Whatever your opinions are, the facts are these: Well-staged and well-marketed homes that come on the market are selling within a reasonable time frame at reasonable prices. If you’re thinking about selling your home or buying a home, we should talk. A member of The Holmquist Team can help you explore the local market, determine what options will work best for you. Call us today at 908-867-7109 or by clicking here.

Market Update: More Evidence of a Stabilizing Market

A national housing index based on the number of contracts signed by people buying houses rose to its highest level in two years last week, generating more assurances that the real estate market is stabilizing and the time to buy or sell a home is now. That national view reflects what The Holmquist Team has been seeing in Chester, Long Valley, Mount Olive and elsewhere.

real estate, the holmquist team, houses for sale, homes for sale, selling a house, selling a home,  housing market

Yet another index is reporting that more homes are being sold, adding evidence to the fact that it’s becoming a good time to buy or sell a home.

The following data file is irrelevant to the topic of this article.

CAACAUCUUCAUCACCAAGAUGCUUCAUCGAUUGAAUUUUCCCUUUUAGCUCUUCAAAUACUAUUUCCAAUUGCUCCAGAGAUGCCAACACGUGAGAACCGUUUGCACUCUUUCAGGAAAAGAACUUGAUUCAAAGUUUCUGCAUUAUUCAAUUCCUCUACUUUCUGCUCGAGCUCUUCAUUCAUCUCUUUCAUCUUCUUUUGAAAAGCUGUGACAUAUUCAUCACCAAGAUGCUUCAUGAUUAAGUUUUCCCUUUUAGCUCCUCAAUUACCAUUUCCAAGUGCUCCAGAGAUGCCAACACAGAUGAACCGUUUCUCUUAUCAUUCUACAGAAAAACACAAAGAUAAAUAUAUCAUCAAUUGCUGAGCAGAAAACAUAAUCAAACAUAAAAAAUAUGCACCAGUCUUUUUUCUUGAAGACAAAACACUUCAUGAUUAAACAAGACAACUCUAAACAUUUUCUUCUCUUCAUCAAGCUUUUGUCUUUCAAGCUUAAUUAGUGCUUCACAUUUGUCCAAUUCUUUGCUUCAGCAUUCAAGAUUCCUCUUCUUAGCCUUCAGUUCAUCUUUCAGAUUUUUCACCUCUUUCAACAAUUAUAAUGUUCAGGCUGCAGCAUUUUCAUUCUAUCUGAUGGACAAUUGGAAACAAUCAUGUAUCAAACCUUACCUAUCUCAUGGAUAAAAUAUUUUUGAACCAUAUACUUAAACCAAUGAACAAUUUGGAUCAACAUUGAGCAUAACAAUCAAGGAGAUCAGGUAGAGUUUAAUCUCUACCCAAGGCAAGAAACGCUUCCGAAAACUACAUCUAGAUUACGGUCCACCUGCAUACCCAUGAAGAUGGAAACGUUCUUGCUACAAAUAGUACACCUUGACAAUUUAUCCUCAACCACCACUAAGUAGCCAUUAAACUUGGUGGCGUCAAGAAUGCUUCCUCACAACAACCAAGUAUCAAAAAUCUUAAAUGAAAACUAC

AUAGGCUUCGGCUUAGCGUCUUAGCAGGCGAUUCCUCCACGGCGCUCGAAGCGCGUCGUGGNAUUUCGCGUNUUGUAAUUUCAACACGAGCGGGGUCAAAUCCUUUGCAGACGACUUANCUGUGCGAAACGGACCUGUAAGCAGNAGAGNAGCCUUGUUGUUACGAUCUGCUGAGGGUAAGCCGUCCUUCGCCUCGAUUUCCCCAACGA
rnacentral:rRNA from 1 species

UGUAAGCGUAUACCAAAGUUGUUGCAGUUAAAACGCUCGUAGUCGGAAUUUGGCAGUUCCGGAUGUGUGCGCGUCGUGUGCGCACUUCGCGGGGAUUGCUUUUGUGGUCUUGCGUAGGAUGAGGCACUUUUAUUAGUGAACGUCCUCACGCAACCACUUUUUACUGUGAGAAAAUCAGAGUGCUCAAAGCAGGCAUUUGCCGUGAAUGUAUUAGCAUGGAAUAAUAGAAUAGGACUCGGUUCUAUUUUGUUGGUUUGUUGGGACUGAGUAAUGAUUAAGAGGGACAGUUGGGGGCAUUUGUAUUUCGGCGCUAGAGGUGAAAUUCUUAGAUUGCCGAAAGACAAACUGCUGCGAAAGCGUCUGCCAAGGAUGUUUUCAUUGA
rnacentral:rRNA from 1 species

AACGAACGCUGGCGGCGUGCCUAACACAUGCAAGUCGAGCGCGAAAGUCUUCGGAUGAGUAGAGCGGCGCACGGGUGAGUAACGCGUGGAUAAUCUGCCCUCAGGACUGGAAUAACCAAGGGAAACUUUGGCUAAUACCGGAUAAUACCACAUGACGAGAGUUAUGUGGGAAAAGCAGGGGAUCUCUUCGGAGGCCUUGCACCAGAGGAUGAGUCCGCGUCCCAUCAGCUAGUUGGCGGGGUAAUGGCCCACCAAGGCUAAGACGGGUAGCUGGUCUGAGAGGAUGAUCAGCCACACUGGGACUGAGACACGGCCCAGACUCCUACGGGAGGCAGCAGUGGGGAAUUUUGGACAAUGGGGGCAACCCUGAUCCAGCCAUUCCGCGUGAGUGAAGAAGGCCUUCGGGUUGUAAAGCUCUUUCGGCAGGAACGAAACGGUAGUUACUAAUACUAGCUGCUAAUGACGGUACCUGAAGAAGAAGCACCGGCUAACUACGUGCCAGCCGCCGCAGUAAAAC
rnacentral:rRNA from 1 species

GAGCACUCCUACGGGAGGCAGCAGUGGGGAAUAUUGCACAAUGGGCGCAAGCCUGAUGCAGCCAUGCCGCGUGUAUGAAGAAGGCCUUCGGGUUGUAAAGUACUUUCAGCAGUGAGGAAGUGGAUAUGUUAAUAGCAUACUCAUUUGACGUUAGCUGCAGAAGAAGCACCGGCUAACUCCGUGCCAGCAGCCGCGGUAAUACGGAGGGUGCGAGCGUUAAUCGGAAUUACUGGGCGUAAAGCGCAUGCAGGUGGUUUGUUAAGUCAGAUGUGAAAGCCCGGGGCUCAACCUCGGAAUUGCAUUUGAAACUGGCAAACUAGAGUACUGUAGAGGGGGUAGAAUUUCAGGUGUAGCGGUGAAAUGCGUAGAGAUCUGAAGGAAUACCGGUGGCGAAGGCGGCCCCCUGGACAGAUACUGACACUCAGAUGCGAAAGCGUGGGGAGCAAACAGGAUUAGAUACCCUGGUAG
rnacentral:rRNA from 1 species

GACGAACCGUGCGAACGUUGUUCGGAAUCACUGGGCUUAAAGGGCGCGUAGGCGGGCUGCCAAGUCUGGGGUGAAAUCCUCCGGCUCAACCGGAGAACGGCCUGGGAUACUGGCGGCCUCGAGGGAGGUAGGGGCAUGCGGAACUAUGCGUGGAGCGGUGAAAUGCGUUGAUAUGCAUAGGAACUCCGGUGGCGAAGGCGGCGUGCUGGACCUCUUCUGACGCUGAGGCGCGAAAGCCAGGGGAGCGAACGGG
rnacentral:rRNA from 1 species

Indicators that the housing market is settling down have been growing, so if you’ve been waiting for a better market to buy a house, it’s here.

The latest information from the National Association of Realtors says contract signings were up 5.9 percent in May compared to April and 13.3 percent above a year ago. These are measured in an index called Pending Home Sales, and measure the sale of residential properties. Lawrence Yun, NAR’s chief economist, suggested looking at longer-term comparisons.

“The housing market is clearly superior this year compared with the past four years,” he said in NAR’s news release. “The latest increase in home contract signings marks 13 consecutive months of year-over-year gains. Actual closings for existing-home sales have been notably higher since the beginning of the year and we’re on track to see a 9 to 10 percent improvement in total sales for 2012.”

Take a look at these other bits of information:

  • Nationally and locally, mortgage rates remain at near or record lows. Don’t expect them to stay that way.
  • Both S&P/Case Shiller and the Federal Housing Finance Agency say house prices overall are stabilizing and, in fact, are rising in some places.
  • The National Association of Homebuilders monitors improving metro areas. Those that enjoy sustained improvement in employment, housing pricing and single-family home permits over six months make it into their index. Nationally, they started with 11 markets; now they’re up to 83 including one in South Jersey.